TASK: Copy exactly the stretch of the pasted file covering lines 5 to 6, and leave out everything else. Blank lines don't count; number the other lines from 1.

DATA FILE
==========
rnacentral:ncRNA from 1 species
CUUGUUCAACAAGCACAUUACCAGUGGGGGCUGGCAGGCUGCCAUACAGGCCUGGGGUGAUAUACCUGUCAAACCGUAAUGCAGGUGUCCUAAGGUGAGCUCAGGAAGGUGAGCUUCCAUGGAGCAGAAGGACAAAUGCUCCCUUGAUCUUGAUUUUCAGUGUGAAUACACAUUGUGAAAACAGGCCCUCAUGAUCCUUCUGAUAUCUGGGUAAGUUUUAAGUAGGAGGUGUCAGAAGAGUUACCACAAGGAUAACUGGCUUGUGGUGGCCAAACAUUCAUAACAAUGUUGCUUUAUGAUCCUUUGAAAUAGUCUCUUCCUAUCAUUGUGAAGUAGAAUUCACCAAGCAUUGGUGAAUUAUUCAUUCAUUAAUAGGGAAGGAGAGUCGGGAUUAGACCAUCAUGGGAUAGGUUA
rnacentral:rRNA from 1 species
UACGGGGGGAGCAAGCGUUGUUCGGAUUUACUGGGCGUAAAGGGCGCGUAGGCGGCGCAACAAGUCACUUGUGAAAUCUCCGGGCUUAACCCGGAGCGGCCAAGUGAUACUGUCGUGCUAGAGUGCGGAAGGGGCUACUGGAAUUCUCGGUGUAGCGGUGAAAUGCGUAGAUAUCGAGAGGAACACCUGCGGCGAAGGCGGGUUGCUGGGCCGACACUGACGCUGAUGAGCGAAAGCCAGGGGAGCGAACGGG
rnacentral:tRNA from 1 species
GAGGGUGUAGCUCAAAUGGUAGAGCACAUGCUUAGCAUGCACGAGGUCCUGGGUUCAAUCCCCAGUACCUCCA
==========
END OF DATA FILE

rnacentral:tRNA from 1 species
GAGGGUGUAGCUCAAAUGGUAGAGCACAUGCUUAGCAUGCACGAGGUCCUGGGUUCAAUCCCCAGUACCUCCA